ISSN (Print) - 0012-9976 | ISSN (Online) - 2349-8846

Aijaz AhmadSubscribe to Aijaz Ahmad

Pause on Indo-US Deal

We, the undersigned call upon the UPA government not to be in a hurry to implement the Indo-US Bilateral Nuclear Cooperation Agreement. A majority in the Indian Parliament is opposed to this “deal”. Meanwhile, the US Congress itself has passed extensive legislation, the Hyde Act, which specifically...

In the Eye of the Storm-The Left Chooses

In the Eye of the Storm The Left Chooses Aijaz Ahmad The elections of 1996 were held under three large shadows: (1) the new consensus among the Indian bourgeoisie to abandon an independent economic policy in favour of full integration with imperialist capital; (2) the programmatic communatism of the RSS-Sena combine; and (3) the pragmatic communalism of the Congress. The Left, led the CPI(M), waged a relentless struggle to bring about a 'non-BJP, non-Congress government'. The formation of the United Front, which Congress has been forced to support unconditionally, is the first materialisation of that project. However, Jyoti Basu turned down the request to become prime minister on the pleas that the CPI(M) would form a government only when it has a strong enough mandate to implement its own policies. This pincipled position has enhanced the stature of CPl(M) as it appears willing to guide the secular forces but refuses the ultimate charm of electoral politics: premiership.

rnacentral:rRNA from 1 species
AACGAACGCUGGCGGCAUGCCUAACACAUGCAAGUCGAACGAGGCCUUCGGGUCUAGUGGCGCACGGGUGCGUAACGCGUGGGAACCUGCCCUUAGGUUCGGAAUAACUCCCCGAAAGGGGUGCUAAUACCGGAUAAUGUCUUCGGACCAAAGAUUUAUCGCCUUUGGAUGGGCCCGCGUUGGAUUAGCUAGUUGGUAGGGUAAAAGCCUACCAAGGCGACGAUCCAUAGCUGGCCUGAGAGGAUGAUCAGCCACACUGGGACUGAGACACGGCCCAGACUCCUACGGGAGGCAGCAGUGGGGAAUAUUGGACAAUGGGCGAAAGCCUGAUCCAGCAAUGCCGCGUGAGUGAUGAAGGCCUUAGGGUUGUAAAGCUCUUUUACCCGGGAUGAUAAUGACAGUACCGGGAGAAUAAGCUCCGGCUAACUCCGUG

Orientalism and After-Ambivalence and Cosmopolitan Location in the Work

Ambivalence and Cosmopolitan Location in the Work of Edward Said Aijaz Ahmad Drained primarily in the classical mould of scholarship in comparative European literatures, in a milieu dominated by Auerbach and Spitzer, the German comparatists who had given to the discipline its stamp of high humanism of a very conservative kind, Edward Said's attempt to assemble a narrative of European humanism's complicity in the history of European colonialism lapses into ambivalences. Faced with the problem of identifying some sort of agency that might undo the centuries-old link between the narratives of high humanism and the colonial project Said posits the most ordinary and familiar values of humanist liberalism

Rushdie s Shame Postmodernism, Migrancy and Representation of Women

Rushdie's Shame: Postmodernism, Migrancy and Representation of Women Aijaz Ahmad The essential task of Third World novels, it is said, is to give appropriate form to the national experience and the range of questions that may be asked of these texts must predominantly refer to this experience. Consequently other kinds of questions have to be subordinated to the primacy of the authorised questions. It is with these other questions that the present essay is primarily concerned.
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